With the recent release of Meteor 0.7.0, a much better database monitoring technique has been developed: Oplog tailing.

Oplog tailing does away with the LRS’ poll-and-diff dance. Instead, Meteor uses the Mongo Oplog (a feed of data that’s intended for synchronizing a Mongo Replica Set) to make Mongo a “pseudo-realtime” database.

Now if Mongo was a true real-time database, it would send out the added/changed/removed messages needed by Meteor for every query requiring real-time updates, and there would be far less work needed on the server to in turn transmit these changes to the client.

Pictured: a real-time Mungo with a tail. Close enough.

The Oplog doesn’t quite achieve this, as it instead tells Meteor about changes at the collection level. This means that Meteor still has to do a bunch of work to determine what has changed at the query level, and if that changes should be synchronized to the subscribing clients.

Although in general the Oplog tailing technique is much more efficient that the fairly naive poll-and-diff algorithm, there is still a CPU load required for each database change that will increase with the number of open subscriptions (since we need to check if each change matches each subscription).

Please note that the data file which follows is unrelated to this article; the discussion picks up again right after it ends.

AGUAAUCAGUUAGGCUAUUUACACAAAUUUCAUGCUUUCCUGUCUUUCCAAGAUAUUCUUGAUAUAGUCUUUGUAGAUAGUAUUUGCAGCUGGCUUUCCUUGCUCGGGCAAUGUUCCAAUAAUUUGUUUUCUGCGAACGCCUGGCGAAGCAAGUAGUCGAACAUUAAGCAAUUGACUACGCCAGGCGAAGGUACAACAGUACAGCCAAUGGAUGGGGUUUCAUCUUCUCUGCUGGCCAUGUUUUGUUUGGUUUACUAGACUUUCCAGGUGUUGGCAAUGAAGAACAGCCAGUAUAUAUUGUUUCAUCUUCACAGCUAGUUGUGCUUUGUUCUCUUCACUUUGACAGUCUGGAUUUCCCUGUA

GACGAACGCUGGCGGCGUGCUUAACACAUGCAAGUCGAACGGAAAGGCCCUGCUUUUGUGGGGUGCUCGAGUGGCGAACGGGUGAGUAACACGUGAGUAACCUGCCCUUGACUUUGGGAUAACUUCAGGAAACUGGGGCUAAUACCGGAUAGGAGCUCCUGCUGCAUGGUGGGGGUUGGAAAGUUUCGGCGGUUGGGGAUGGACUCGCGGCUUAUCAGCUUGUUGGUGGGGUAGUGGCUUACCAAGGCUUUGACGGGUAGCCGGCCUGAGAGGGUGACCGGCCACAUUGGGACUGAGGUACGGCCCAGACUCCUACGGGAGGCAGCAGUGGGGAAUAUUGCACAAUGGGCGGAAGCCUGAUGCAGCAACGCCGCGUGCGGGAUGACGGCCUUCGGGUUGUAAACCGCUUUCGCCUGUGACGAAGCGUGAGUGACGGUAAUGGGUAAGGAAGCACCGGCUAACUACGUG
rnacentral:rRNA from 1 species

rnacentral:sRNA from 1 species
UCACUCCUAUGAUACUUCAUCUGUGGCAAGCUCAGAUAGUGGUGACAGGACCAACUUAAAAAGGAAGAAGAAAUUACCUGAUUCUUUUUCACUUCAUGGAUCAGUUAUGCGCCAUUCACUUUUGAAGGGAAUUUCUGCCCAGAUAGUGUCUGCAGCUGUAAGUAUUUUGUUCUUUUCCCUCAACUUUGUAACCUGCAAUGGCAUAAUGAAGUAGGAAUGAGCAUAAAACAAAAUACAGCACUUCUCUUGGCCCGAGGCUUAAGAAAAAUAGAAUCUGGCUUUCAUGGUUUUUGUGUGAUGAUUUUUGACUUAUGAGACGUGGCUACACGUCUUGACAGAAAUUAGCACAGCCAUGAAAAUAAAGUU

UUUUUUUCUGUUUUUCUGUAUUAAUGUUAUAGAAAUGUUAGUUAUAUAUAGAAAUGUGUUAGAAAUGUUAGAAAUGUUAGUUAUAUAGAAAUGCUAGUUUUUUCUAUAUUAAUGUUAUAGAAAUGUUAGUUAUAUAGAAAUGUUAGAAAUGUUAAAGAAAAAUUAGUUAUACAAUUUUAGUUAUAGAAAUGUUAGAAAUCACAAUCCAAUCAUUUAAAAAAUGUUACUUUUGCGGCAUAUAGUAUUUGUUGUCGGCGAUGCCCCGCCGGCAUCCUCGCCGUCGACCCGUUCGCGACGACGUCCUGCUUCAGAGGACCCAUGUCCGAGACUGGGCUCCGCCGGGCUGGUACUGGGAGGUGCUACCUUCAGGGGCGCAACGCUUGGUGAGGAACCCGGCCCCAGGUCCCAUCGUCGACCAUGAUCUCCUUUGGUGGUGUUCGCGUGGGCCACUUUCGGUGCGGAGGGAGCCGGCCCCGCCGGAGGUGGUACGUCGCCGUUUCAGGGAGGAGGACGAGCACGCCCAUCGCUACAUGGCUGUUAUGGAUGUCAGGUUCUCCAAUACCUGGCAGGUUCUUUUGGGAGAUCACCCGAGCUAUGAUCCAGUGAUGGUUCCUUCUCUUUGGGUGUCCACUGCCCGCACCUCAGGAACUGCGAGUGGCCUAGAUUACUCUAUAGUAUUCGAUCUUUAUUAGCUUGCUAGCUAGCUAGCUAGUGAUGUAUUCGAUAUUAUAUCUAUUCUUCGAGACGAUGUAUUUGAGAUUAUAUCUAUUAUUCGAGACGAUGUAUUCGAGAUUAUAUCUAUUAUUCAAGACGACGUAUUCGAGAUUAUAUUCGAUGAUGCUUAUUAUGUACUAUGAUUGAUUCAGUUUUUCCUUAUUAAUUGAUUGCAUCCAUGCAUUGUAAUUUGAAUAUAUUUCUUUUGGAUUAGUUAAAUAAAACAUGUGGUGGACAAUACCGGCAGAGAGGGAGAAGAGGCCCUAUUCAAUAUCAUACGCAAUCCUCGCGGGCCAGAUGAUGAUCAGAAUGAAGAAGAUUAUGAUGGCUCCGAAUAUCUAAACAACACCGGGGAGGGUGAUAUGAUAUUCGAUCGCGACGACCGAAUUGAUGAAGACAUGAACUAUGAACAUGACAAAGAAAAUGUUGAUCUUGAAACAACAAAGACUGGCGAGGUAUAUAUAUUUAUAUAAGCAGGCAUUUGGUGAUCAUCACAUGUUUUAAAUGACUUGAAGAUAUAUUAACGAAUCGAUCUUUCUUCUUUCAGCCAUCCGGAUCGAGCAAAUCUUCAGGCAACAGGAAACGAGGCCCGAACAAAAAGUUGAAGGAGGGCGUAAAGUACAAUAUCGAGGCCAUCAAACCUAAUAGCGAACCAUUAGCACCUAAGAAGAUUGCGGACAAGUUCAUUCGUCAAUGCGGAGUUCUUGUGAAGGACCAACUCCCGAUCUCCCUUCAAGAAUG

So despite the very real improvements brought by Oplog tailing, it’s important to remembers that it still won’t dispense you from properly thinking about your pub/sub strategy. What’s more, even if you enable Oplog tailing, as of now only a subset of queries are candidates for the technique.

Memory Loss

We’ve looked at how an app detects changes to the data, but the second part of the equation is figuring out which users to send those changes to.

This means keeping a copy of each connected client’s “in-memory database” (in Meteor, the contents of Minimongo) in the server’s memory. In Meteor, the data structure that contains this is the Merge Box.

The direct implication is that each connected client takes up a certain amount of memory on the server. And the more data you publish to the client, the more memory you’ll need on the server to keep track of it.

Slimming Down

This brings us to the real question: what can you do about this?